We had the good fortune of connecting with Lora Barnhiser and we’ve shared our conversation below.
Hi Lora, have there been any changes in how you think about work-life balance?
There are lots of women, especially mothers, that tend to blame society for pressure they feel. Pressure to keep an even keel on both ends of family and career. I don’t fault them for this claim. Perhaps that truly is where they feel the most weight. I, however, create the pressure on my own. I’m greedy. I always want it all. Somehow, I get a little picture in my head of something I want or think I can do. It becomes an itch that I must scratch. Wife, mother, Art teacher and artist. All of these are all roles in my life that I have chosen to take on. Gone are the days when my biggest struggle was balancing when to grade Art projects vs when to prepare for an Art Market. I now have potty training twins and a completely new teaching platform to juggle. Covid19 has of course, put a twist on any sort of balance I had going. I have 16 years in the classroom, and only a small percentage of that experience could have prepared me for teaching Art online. Yes, finding a balance is a struggle, but I see it as a continuous sliding scale. Some days one role just gets more attention than other days. Every now and then all roles call for equal attention, and those are the days I tend to feel the weight. I just remind myself that I wanted all of this. And, it’s true. I wouldn’t feel complete if I were to eliminate any one of these aspects of my life.
Let’s talk shop? Tell us more about your career, what can you share with our community?
I sometimes wish I had a particular style or medium I was known for. Many artists choose a subject matter or media that they focus on and therefore become recognizable. I have always had trouble with that because I’m interested in too many things. My work tends to come from stories that end in…”well, one thing led to another and…here ya go!” I could possibly be most recognized for working on small pieces of wood. This has been my preferred surface of choice for the past five years or so. The reused wood is to blame for my business name: ReGrain Studio. I enjoy using wood that other’s are tossing away. I find the challenge of working with a variable size, shape and porosity of wood really motivating. Those variables usually shape what becomes of the piece. Many of my pieces are small; deck of cards small. Working small allows me to make many pieces quickly and helps serve my forever changing taste of art styles and media. As for style, lately I’ve returned to an old friend: black and white. Working with black on white presents more challenges I enjoy. Describing what you want with limited range of value is not always easy. You only have two choices so you need to make them count! I’m currently interested in the opposite of my norm: working very large and perhaps creating some black and white murals for my next art venture.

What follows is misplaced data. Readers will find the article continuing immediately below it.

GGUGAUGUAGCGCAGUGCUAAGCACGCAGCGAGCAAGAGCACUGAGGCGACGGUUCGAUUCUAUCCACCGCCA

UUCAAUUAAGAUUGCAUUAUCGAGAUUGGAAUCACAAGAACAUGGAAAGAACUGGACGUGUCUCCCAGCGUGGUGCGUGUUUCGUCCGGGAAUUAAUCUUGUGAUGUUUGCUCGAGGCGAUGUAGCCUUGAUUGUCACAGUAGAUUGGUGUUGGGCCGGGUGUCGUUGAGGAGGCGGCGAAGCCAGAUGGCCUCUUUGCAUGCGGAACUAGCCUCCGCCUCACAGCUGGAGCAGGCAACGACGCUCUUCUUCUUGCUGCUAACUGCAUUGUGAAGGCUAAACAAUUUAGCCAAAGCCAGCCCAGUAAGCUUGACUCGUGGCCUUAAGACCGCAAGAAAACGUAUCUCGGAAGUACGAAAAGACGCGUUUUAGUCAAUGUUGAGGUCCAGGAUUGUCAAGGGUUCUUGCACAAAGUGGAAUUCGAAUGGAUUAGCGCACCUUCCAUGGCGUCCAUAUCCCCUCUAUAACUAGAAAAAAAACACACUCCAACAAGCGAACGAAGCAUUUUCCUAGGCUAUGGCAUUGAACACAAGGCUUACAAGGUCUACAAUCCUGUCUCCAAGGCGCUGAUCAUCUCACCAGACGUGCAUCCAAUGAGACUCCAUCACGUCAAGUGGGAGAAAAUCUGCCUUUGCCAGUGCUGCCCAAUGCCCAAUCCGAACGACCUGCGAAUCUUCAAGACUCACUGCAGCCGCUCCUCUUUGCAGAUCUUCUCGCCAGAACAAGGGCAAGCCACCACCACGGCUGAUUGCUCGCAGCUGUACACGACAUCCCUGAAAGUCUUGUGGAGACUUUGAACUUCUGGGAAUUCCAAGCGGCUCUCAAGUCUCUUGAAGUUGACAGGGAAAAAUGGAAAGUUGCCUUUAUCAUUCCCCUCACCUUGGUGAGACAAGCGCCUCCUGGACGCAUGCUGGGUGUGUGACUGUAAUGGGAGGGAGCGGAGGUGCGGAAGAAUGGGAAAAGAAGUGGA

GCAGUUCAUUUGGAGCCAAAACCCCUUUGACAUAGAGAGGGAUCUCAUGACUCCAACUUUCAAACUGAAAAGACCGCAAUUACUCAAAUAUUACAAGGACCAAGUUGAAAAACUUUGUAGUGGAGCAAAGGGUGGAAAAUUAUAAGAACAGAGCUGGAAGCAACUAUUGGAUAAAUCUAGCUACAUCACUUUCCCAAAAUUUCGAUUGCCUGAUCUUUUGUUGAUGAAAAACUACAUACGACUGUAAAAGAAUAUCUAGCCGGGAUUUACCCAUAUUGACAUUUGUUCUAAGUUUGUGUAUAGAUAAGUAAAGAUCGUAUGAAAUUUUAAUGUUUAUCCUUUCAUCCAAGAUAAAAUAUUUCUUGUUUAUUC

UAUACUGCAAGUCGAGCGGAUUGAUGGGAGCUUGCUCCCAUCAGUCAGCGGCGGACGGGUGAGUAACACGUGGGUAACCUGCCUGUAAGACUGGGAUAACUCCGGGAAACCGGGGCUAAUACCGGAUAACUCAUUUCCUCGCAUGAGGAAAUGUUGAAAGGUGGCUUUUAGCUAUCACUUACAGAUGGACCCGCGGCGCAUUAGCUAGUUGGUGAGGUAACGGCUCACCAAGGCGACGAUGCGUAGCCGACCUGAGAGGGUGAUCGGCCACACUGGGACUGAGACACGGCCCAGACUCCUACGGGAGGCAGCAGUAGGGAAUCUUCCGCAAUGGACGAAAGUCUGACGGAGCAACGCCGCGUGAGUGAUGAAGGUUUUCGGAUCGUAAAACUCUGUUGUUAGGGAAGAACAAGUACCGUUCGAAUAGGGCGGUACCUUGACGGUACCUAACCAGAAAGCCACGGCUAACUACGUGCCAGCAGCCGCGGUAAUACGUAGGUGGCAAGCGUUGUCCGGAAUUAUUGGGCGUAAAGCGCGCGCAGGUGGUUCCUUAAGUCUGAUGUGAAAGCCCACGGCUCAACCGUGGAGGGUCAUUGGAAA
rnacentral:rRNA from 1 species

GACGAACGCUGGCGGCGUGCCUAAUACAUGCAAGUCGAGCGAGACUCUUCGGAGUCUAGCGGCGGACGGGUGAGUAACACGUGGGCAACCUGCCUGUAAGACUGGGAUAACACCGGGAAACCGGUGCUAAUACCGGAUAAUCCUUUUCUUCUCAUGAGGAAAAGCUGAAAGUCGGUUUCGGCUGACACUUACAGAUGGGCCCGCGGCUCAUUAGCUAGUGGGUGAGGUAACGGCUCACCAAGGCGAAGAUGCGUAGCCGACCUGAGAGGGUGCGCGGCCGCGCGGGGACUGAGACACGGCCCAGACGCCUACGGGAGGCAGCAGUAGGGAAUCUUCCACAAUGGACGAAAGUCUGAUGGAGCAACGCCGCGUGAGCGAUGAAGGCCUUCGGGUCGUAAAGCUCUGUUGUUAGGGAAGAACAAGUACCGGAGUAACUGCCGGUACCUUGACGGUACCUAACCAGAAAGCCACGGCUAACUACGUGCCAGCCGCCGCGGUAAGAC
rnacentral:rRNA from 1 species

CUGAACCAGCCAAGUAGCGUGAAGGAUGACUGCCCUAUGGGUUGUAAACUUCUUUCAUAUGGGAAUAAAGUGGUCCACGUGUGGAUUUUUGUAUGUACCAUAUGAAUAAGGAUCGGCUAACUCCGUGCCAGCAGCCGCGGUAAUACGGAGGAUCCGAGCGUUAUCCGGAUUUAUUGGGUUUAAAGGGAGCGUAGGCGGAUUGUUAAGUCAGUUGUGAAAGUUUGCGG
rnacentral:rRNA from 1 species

Any places to eat or things to do that you can share with our readers? If they have a friend visiting town, what are some spots they could take them to?
Let’s pretend Covid doesn’t exist for a minute. Stops to make: -Oak Street Murals in Coronado Historic District, and other murals through out our city. It’s free and there’s lot of great art. -The top of South Mountain at dusk. It’s a great way to see the expanse of our city and also get a feel for the natural habitat that surrounds our valley. -Take in some local tunes at the Rhythm room, Chars, Valley Bar or if we’re lucky, a porch concert also in the Coronado Historic District. Maybe it would be the weekend of one of many festivals or concerts in the valley. Mc.Dowell Mountain Music Festival is a great one! -Visit the MIM (Musical Instrument Museum) in Scottsdale. It’s one of a kind and very interactive. – Brewery-hop! We have so many and each one has something great to offer. We love The Wren House, OHSO and AZ Wilderness. Many more have just opened, haven’t had a chance to get to them yet.
Shoutout is all about shouting out others who you feel deserve additional recognition and exposure. Who would you like to shoutout?
I have not had one single person or mentor that has been my champion, but many little bumps of encouragement from friends, family and local business owners. Here’s my list, you can cue the music in just a few minutes… My mother and father (both creatives), my husband (supportive of my artistic decisions), Cindy Datch of Made Art Boutique, Lisa Pauling of Be You Jewelry Design, Katherine Proffitt of Smooth Brew, Ashlee Molina of the Phoenix Flea, Nicole Royse of Royse Contemporary, Rochelle Anderson, and countless customers and art collectors. The creativity and energy that my students bring to my life also serve as great caffeine to my artistic diet.